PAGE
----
Bridge fight eventually spans choppy waters
By Paul Mayne
January 24, 2013
Roy Norton never expected the troubled waters he would encounter pushing for a second bridge connecting Windsor and Detroit across the Detroit River. At Western Law Monday, he stressed how building that second span is a precondition to ensuring the manufacturing vitality of Canada and the United States for years to come.
“We’re counting on achieving redundancy and consumer choice in wanting to build another bridge,” he said. “But we can’t be certain, given the current bridge’s age, just how long it will last, which increases the urgency to getting along with another complementary bridge.”
The Ambassador Bridge, built in 1929, had an initial lifespan of 50 years.
The Canadian Consulate General, which he heads in Detroit, promotes Canadian interest in trade, investment, environment, culture and academic relations in the four states he represents – Michigan, Ohio, Indiana and Kentucky. Combined, the population of the four – 33 million – matches all of Canada.
In 2011, Ontario’s global exports totaled $181 billion – $142 billion of that (or 78 per cent) was to the United States alone. In fact, 29 per cent of Ontario’s exports, or $52 billion, are to the four states Norton represents. The United States sells more to Canada than it does to China, Japan, UK, Brazil and Russia combined. Half of Michigan’s global exports are purchased in Canada and, of course, cross the Ambassador Bridge.
So, you would think that kind of traffic would make a second span and easy sell.
Since taking on his role as Counsel General in September 2010, Norton spent a disproportionate amount of time trying to persuade Michiganders of the importance of this project.
“Getting the predictable capacity to get stuff to us should be pretty important to them,” he said. “Getting to where we are today has been harder than, objectively, it should have been, which is why outside-the-box policy-making and diplomacy was required.”
Norton said the biggest stumbling block facing the construction of a new bridge has been Michigan-based billionaire and Ambassador Bridge owner Manuel Maroun. The trucking magnate wrestled the bridge away from Warren Buffet when it went up for sale in 1979, and has fought against a second bridge almost ever since.
Referred to as Canada’s top infrastructure priority since the mid-1990s, there have been 15 different possibilities discussed regarding a new bridge. In 2008, the Canadian government attempted to purchase the Ambassador Bridge from Maroun, but was met with a exorbitant price tag.
In 2010, Canada offered to pay for the whole thing, assuming full responsibility. Then-Transport Minister John Baird sold the idea to his cabinet members.
“With Michigan hard hit by the recession, unemployment hovering around 15 per cent and the auto industry barely alive, Canada, the relatively generous foreign aid donor that we are, is not in the habit of giving away free infrastructure to developed countries,” Norton said. But they did. And along with covering the cost of the $3.8 billion, six-lane project, Canada would also agree to pay $550 million for the connection from the foot of the bridge Interstate 75 on the U.S. side.
The New International Trade Crossing would be located a couple kilometres south of the existing bridge, connecting Brighton Beach in Ontario with Delray in Michigan.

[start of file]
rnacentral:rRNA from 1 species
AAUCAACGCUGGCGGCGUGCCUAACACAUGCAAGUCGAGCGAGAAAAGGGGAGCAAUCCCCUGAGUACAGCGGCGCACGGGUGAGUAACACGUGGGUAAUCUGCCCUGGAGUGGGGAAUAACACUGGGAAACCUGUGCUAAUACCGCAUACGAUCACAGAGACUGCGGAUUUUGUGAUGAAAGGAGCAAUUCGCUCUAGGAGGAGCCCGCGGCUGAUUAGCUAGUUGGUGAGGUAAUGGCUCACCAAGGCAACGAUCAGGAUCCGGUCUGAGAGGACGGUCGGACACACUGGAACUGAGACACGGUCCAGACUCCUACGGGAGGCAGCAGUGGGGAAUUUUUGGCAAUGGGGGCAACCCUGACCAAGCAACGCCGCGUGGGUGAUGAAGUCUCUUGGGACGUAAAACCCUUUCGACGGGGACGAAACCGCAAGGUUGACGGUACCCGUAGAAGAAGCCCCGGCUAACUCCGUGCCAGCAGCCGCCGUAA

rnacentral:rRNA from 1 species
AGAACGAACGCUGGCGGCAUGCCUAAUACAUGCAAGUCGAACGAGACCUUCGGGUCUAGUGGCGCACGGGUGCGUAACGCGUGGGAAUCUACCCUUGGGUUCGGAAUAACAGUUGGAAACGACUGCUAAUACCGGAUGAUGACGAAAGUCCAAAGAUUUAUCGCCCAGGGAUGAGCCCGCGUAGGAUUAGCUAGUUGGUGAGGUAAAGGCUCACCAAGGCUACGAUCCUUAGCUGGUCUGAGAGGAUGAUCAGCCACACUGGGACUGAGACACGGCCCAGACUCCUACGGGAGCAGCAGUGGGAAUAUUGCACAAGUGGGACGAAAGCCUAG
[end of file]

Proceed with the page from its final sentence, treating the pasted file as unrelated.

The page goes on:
Maroun jumped into the fray, spending $41 million in support of Proposition 6, which, if passed, would have required all plans for new bridges and tunnels to be approved in a statewide vote. That would have delayed – or killed – any hope for a new bridge.
Norton made countless speeches, gave numerous interviews across Michigan reiterating the fact the bridge was not going to cost residents anything. This was also brought to a nation-wide audience when Norton appeared on The Daily Show with Jon Stewart.
“Canada seems to have a great standing in Michigan, but there is concern because Michiganders, and perhaps Americans in general, are predisposed not to believe their politicians,” Norton said. “While the governor (Rick Snyder) could say, as he had for many months, that this project would cost Michigan nothing, sadly many chose to believe the Maroun ads instead. At its base, cynicism is understandable, whoever heard of free bridge, but they did seem to believe me, being from a government and country they were prone to trust.
“So at the talks, when I raised my right hand and solemnly swore on behalf of the people of Canada that this bridge would cost the state of Michigan nothing, audiences in Michigan seemed to believe it.”
In the end 60 per cent of Michigan voters turned down Proposition 6.
Ontario has begun construction of the $1.4-billion Windsor-Essex Parkway (since renamed the Herb Gray Parkway), which will extend Highway 401 in Windsor to the new international bridge. Construction of the new 125-year bridge is expected to begin in 2014, with a completion date within a decade. Canada would recoup its costs through bridge tolls.
“At the end of the day, it won’t cost Canadian taxpayers anything,” Norton said. “Bottom line, we wouldn’t get the bridge if we weren’t willing to do this. We could be stubborn, cross our fingers and hope for the eternal life of an 83-year-old bridge, on which certainly the Canadian automotive economy depends, but even beyond that, so many jobs depend.
“We concluded that it’s a Canadian contribution to the future of North American manufacturing, not just Ontario. We shouldn’t be willing to bear the risk of a sudden disruption and no capacity. So it’s worth paying for.”
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